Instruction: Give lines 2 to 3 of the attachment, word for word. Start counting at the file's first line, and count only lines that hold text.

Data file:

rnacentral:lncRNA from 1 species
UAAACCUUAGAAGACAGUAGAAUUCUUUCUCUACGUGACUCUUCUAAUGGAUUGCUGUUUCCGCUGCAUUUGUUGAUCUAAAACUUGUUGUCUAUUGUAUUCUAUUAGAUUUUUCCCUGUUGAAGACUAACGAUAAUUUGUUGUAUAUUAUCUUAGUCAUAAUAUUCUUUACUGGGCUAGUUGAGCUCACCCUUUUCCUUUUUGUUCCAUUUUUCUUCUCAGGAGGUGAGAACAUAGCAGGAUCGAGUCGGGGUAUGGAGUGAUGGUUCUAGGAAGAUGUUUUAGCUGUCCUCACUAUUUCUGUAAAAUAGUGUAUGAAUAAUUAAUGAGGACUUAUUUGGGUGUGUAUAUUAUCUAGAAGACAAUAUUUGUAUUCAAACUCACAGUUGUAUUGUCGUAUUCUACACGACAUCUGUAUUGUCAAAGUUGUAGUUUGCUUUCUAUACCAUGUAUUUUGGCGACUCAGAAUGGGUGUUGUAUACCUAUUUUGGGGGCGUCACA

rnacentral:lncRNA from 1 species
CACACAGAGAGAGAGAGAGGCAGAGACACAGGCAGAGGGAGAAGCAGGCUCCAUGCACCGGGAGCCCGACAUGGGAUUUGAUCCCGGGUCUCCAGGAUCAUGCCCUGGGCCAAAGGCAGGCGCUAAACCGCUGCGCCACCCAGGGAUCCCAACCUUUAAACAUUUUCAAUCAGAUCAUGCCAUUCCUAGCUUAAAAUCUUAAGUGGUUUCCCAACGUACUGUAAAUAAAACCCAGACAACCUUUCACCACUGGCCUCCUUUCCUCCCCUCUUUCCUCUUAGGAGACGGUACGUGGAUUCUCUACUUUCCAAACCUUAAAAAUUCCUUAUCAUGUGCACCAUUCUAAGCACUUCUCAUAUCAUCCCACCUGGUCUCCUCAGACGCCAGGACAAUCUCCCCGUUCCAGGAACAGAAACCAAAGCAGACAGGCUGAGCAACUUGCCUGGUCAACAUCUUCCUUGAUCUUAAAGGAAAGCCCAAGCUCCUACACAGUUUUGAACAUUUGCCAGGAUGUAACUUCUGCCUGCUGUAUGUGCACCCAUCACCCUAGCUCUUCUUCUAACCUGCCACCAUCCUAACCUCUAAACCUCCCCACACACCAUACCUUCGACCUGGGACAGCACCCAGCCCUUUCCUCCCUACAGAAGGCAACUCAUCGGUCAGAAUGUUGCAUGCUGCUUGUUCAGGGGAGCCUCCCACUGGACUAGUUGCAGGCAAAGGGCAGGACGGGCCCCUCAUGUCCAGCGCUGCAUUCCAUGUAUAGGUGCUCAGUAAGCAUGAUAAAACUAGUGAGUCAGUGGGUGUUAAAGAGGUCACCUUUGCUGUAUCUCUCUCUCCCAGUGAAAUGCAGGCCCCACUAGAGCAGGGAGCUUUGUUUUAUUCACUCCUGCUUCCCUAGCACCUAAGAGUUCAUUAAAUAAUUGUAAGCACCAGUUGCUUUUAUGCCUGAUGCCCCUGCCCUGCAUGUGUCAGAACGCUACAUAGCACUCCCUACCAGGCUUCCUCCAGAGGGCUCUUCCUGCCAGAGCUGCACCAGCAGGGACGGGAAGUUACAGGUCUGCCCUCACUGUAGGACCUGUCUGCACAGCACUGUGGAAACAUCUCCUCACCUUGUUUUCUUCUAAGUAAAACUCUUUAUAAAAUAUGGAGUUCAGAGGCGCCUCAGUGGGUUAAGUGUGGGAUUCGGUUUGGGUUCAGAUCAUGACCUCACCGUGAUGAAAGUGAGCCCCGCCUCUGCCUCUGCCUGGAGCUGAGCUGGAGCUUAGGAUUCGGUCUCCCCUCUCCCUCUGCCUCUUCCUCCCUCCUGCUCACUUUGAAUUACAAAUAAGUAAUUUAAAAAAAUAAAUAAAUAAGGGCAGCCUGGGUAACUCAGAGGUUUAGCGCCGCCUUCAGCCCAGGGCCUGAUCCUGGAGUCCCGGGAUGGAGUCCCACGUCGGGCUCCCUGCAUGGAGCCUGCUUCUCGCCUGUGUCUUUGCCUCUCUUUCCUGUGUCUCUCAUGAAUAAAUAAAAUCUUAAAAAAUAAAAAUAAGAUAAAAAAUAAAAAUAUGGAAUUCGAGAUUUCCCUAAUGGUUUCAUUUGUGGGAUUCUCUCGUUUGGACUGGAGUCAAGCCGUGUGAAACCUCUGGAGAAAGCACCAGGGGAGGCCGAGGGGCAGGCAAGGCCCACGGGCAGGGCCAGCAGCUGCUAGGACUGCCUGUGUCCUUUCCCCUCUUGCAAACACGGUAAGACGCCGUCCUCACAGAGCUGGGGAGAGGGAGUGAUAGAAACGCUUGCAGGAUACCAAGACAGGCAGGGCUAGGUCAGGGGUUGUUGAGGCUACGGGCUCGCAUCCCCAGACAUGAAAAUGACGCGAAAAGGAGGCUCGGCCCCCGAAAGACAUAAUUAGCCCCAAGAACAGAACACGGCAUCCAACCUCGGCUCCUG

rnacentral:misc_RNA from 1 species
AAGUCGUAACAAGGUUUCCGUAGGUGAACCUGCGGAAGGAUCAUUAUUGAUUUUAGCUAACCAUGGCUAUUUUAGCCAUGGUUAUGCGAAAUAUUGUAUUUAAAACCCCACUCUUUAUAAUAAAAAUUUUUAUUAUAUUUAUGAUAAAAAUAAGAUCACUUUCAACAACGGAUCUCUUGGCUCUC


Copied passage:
UAAACCUUAGAAGACAGUAGAAUUCUUUCUCUACGUGACUCUUCUAAUGGAUUGCUGUUUCCGCUGCAUUUGUUGAUCUAAAACUUGUUGUCUAUUGUAUUCUAUUAGAUUUUUCCCUGUUGAAGACUAACGAUAAUUUGUUGUAUAUUAUCUUAGUCAUAAUAUUCUUUACUGGGCUAGUUGAGCUCACCCUUUUCCUUUUUGUUCCAUUUUUCUUCUCAGGAGGUGAGAACAUAGCAGGAUCGAGUCGGGGUAUGGAGUGAUGGUUCUAGGAAGAUGUUUUAGCUGUCCUCACUAUUUCUGUAAAAUAGUGUAUGAAUAAUUAAUGAGGACUUAUUUGGGUGUGUAUAUUAUCUAGAAGACAAUAUUUGUAUUCAAACUCACAGUUGUAUUGUCGUAUUCUACACGACAUCUGUAUUGUCAAAGUUGUAGUUUGCUUUCUAUACCAUGUAUUUUGGCGACUCAGAAUGGGUGUUGUAUACCUAUUUUGGGGGCGUCACA

rnacentral:lncRNA from 1 species